What’s the point of returning a rocket from space to Earth, landing it upright, shipping it to a hanger for storage if you’re not going to use it again? Exactly, and that’s precisely what SpaceX CEO, Elon Musk plans to do this September after taking to Twitter to announce his intentions.
SpaceX Plans for Mars
Last week saw Elon Musk reminding us that he truly does have every intention of taking both his rockets and people to Mars. Musk said that those plans would begin in 2018 with an unmanned trip to the Red Planet and that he hoped to put humans on Mars by 2024. Never-mind the expected hell that is the journey or the fact that it will be a one way trip, seven people are expected to make the trip.
Was Ben Graham's big purchase of GEICO shares actually a value investment? Perhaps it was contrary to what many believe. "In 1948, we made our GEICO investment and from then on, we seemed to be very brilliant people." -- Benjamin Graham, 1976 Both Benjamin Graham and Warren Buffett can attribute a large part of their Read More
Musk plans to use SpaceX’s Flying Dragon version 2 for the manned flight in 2024.
“It is intended to carry astronauts to the International Space Station,” said Musk at the Code Conference in Rancho Palos Verdes, Calif. on Wednesday night. “But we are going to send one to Mars in 2018.”
The inside of the rocket is hardly the height of luxury with the capsule expected to be about the size of a SUV and it will take a full six months to get there.
“I would not recommend traveling to Mars in that,” he said. “It would be a long time to spend on an SUV.”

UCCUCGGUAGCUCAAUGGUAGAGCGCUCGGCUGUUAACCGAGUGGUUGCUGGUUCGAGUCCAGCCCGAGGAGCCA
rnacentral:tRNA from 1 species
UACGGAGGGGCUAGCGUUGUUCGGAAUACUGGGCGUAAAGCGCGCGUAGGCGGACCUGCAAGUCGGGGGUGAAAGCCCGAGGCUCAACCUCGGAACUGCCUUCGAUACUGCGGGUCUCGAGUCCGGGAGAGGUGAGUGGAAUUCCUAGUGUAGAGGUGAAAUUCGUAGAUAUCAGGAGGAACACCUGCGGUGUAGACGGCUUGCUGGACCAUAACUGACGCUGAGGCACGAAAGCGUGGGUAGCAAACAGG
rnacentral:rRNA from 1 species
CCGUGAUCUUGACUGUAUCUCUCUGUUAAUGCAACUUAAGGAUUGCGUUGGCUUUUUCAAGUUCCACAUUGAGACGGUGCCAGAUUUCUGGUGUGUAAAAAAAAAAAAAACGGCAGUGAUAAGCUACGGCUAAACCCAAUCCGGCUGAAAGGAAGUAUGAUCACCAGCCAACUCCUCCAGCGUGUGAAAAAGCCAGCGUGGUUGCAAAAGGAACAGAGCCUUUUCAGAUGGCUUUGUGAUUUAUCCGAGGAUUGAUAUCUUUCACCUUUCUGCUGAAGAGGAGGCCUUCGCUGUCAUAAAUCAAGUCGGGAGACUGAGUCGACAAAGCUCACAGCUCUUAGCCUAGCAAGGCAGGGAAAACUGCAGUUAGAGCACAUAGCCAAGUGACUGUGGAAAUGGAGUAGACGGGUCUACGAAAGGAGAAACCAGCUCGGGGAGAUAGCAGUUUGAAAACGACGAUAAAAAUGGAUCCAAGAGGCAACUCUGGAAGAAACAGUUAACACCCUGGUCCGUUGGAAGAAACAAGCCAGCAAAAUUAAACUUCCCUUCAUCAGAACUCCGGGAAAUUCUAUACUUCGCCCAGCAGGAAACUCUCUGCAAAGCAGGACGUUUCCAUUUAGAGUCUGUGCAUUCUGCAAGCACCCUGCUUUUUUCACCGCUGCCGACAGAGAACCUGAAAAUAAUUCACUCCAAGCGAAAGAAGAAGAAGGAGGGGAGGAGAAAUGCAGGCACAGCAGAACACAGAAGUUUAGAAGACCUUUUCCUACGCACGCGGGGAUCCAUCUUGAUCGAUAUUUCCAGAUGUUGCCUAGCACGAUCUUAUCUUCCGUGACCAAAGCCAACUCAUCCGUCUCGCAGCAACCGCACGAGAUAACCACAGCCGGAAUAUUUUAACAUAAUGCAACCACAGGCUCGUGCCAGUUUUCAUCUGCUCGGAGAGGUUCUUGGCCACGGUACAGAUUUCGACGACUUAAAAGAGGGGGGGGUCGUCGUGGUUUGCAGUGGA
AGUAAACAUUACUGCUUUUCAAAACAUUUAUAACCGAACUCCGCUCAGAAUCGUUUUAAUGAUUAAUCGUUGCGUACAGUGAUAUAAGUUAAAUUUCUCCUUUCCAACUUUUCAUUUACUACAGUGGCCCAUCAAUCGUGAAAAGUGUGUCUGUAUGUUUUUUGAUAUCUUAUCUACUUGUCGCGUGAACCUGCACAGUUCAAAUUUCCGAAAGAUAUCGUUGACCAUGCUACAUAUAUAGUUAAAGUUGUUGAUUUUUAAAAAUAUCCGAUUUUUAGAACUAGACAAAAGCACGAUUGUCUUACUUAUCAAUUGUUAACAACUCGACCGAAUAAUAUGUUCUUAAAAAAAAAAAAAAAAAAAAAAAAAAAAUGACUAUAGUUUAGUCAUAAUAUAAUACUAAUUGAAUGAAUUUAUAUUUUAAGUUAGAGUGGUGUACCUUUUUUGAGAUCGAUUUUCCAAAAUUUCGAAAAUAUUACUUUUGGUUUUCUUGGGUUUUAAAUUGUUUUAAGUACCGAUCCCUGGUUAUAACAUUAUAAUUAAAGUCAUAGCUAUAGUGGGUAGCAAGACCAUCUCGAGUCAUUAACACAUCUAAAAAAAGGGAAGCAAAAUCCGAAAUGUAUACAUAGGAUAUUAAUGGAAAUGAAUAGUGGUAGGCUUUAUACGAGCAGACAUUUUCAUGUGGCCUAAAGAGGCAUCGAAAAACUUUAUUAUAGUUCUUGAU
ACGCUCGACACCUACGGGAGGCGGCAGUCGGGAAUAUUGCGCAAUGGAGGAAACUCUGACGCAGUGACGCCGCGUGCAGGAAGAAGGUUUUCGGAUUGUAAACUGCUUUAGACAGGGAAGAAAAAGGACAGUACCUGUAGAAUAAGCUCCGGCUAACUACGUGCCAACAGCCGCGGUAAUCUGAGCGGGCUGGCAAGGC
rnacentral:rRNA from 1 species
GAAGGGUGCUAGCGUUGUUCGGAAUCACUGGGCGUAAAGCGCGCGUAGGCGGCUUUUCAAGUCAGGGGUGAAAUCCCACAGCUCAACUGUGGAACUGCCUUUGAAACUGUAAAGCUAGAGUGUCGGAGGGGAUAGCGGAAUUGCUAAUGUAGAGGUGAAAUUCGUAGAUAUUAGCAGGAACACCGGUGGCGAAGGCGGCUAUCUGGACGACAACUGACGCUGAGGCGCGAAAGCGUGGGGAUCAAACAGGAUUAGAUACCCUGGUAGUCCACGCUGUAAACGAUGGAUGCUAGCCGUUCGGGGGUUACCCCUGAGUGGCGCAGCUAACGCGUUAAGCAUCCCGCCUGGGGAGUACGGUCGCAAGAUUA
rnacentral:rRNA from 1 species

About the return trip? “It also does not have the capability to get back to earth, we put that in the fine print.”
“If you’re going to choose a place to die, then Mars is not a bad choice,” he said.
First rocket reuse
“Fourth rocket arrives in the hangar,” Musk tweeted on Tuesday. “Aiming for first reflight on Sept/Oct.”
That tweet included a photo of the four rockets that have been successfully landed back on Earth three of which were landed on SpaceX’s drone ship. After a few failed landings on the drone ship (that were quite close to successful) the company was finally successful on April 8.
While Musk declined to say which of its clients’ cargo would be delivered by the refitted and reused rocket in September/October, he did say that the rocket from the April 8 landing would be the rocket that would be making its second flight. In the nearly six decades since the first rocket was launched into space, only SpaceX has gone into orbit and then successfully landed on Earth. Blue Origins, the private “space” company of Amazon’s Jeff Bezos’ has vertically landed its own rockets but they were only in a sub-orbit before returning to Earth.
While again, no customer was mentioned SES, a satellite operator based in Luxembourg, is a pretty good guess. Earlier this year, Martin Halliwell, chief technology officer at SES, made it quite clear in an interview that he wanted that distinction for SES and the company has a contract with SpaceX for six more launches.
Prior to the planned relaunch of one of its rockets, SpaceX is planning on launching a commercial communications satellite from Cape Canaveral Air Force Station in Florida on June 14.
While NASA has had a banner 2015-2016, SpaceX certainly has as well. The company is now poised to realize its dream of reusing a rocket after its successful landings.